When Shandreka Burrell learned she would be assigned to work in the COVID-19 testing site at Augusta University, at first she refused.
A traveling nurse originally from Baton Rouge, Louisiana, Burrell was recovering from COVID-19 herself, which she contracted two weeks before she got her new assignment.
Burrell is one of about nine staff members who work at the drive-thru site. During the week, most staff at the site are traveling nurses to avoid creating a staffing burden at Augusta University Medical Center.
As of Nov. 30, Augusta University has performed 101,253 tests at its drive-thru sites, bringing the total tests performed at all sites to 113,739 since the first nasal swab tests were performed in March.
“I had every symptom except fever,” said Burrell, dressed in a gown, mask, face shield and gloves as she paused from collecting samples from patients Nov. 2 at the drive-thru testing site on 15th Street. “I lost 10 pounds in two weeks. I was tired all the time. Couldn’t taste or smell. And they were like, ‘Yeah, COVID testing site.’ I’m like, ‘Absolutely not.’”
When she got here, though, she fell in love with the work. Her experience gives her a connection to patients who may be anxious, scared or simply not feeling well.
“I just enjoy educating people,” Burrell said. “A lot of people come in not knowing exactly what they need to know about a test.”
Augusta University Health began offering drive-thru testing in March at Christenberry Fieldhouse. Patients could be pre-screened on the AU Health ExpressCare app and make an appointment to receive testing, which was then processed in one of two AU labs. A second drive-thru site was opened at Patriots Park in Columbia County by the end of March. The sites worked well, but when it became apparent that drive-thru testing would be needed for a while longer, the temporary tents became increasingly difficult for the staff who worked for hours out in the elements.
In July, AU Health converted the former university vehicle services shop into a permanent drive-thru location and closed the two original locations. The new location offered more comfort for the staff and more convenience for patients, as more appointments could be scheduled.
Britney Wilkinson was a pediatric nurse in the float pool who began swabbing patients at Christenberry Fieldhouse when the pandemic began. When Augusta University was tapped by Gov. Brian Kemp to lead Georgia’s testing efforts in April, she went to Albany to work at a testing site there, and then to Atlanta before returning to help coordinate testing efforts at the 15th Street site and at Grovetown II.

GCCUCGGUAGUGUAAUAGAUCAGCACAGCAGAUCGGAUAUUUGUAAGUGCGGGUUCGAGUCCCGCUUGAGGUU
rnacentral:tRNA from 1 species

“In the beginning, when we started testing for COVID, if we saw over 100, or 200, that was a high volume for us,” Wilkinson said. “At the beginning of August, we were seeing about 1,000 a day. Currently, our average between the annex and the faculty office and Grovetown is usually averaging around 600 a day.”
She said about half the tests performed across all the sites are saliva and half are nasal swabs. In September, Augusta University became one of the few sites in the nation to offer saliva testing for COVID-19.
“You have to qualify for the saliva (testing) as far as the recommendations of not eating and drinking or anything by mouth an hour prior,” Wilkinson said. “And then if you can do the saliva, you have to be able to produce the appropriate amount of saliva.”
She said coordinating COVID-19 testing has been an eye-opening experience for her.
“It’s a lifetime experience to live through a pandemic and I pray this is the only one I get to live through. But just all the moving pieces, and everything kind of ebbs and flows all the time. So it’s just kind of having to make sure you’re aware, the staff’s aware that it could change in a matter of minutes, or we can stay constant for a few days. But in a pandemic, nothing stays the same.”
Registered nurse Mary Kennedy said she likes working outdoors and sees her role in COVID-19 response as the chance of a lifetime.
“I’ve been a nurse for 26 years and never have I ever been involved in something so huge. It’s literally impacted everyone on this planet,” she said. “So working and being a part of a team that is actively working in our community and actually in another community, helps fulfill one of the reasons I wanted to be a nurse to begin with.”